They are model.

Taking this all into consideration, Crossan suggests that “Our Father in heaven” could easily be restated as “Our Householder of Earth.” God is our Creator, Provider, Protector, and Model.

Householders, especially in biblical times, were focused on their name. Not just so that people didn’t say “those darned Corrihers,” but that their identity, their reputation, their character was held in high regard. For God, the highest regard is holiness.

What do our actions have to do with God’s holiness? Looking at Psalm 8, we see that we are given charge over the things in God’s household. We hold a responsibility in maintaining the household God has created. If God’s reputation as householder is to be honored, our hands are involved.

How do our hands promote this holiness? This is where our Leviticus verses come in. These verses are a part of what is called the priestly tradition, they are verses on holiness. Gleaning food for those without. Not falsifying wages or giving unjust judgment. Not oppressing people who are from a different country. Treating all people equally.

It’s tough stuff. It would be so easy if carrying out God’s holiness just meant gathering together on Sunday mornings to sing songs and share concerns. That would be so easy. Hallowing God’s reputation means day to day living with an intention of equal justice to all. And we’ll hear more about these specifics as Lent goes on. It is not always easy, we will not always do it perfectly, but we can certainly put forth our best efforts to do so.

I think a good question to ask in practice of this is: what does a healthy household look like? I believe God’s name is hallowed when the household is healthy. Is everyone fed? Everyone lodged? Thinking back to Corriher Grange Rd, sure there are some houses that are newer and nicer - on the other hand, some tractors are more beat up than others - and there’s nothing wrong with that. Though, I guarantee if one individual or family was in need in that “household,” they would be helped.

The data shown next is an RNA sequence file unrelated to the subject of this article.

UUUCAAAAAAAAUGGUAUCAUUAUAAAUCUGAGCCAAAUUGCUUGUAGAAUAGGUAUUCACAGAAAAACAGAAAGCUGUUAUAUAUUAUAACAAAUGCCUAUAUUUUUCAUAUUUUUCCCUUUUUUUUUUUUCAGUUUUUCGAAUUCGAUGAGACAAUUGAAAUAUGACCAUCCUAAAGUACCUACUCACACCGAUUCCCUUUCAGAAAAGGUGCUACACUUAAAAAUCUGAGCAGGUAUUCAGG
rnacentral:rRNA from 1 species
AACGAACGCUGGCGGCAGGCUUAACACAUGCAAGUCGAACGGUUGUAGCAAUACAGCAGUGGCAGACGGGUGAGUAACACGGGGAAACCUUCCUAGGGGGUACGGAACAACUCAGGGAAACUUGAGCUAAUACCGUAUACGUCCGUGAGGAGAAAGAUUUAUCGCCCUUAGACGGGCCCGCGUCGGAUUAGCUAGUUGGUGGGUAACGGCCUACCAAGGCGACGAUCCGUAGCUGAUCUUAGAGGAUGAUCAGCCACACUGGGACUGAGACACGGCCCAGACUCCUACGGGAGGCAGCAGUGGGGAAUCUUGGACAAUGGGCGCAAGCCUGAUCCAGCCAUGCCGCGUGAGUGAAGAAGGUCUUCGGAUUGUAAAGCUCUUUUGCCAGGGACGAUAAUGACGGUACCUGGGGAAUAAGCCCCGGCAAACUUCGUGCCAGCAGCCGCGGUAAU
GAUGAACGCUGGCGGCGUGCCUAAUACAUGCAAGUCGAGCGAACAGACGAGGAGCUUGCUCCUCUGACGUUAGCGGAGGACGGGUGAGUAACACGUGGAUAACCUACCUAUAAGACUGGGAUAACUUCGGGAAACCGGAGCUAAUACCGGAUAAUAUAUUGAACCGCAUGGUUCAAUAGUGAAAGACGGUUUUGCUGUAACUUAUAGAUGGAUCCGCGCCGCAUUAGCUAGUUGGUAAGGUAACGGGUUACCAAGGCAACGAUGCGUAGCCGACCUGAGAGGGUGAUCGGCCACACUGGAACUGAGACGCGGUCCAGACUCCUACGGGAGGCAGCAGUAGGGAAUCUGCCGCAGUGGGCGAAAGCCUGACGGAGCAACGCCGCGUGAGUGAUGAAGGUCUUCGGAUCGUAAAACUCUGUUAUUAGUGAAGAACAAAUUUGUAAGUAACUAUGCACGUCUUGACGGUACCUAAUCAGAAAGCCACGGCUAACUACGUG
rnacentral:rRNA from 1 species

I don’t mean to idealize the situation that the Corrihers live in; the vast majority of families in the U.S. don’t live in that model of household. We are more often spread across cities and states and countries. Our immediate idea or image of household probably only contains the walls within which we live and perhaps our most immediate family members. Which is why it’s important to remember the very first word of The Lord’s Prayer, “Our.” It doesn’t start with “My Father.” This prayer that we pray is a communal prayer and experience...involving all of God’s household (aka, everybody).

I confess I love stealing quotes from other people, but I give them the credit! Matthew Stith, pastor in PA, in response to the Psalmist’s question, “What are human beings that you are mindful of them?” states, “We are, through Jesus, the adopted children of the household; the objects of God’s grace, love, salvation, and sanctification; and ultimately, through him, the image-bearers and stewards of creation that we were created to be in the first place. This, according to the sovereign will of the one whose name is indeed majestic [or hallowed] in all the earth.” (emphasis mine,

Our Father, who art in heaven, hallowed be thy name.

Our Householder of all the Earth, may we bring honor to your reputation. Amen.

Scripture: Leviticus 19:9-10, 13-15, 33-34 ; Psalm 8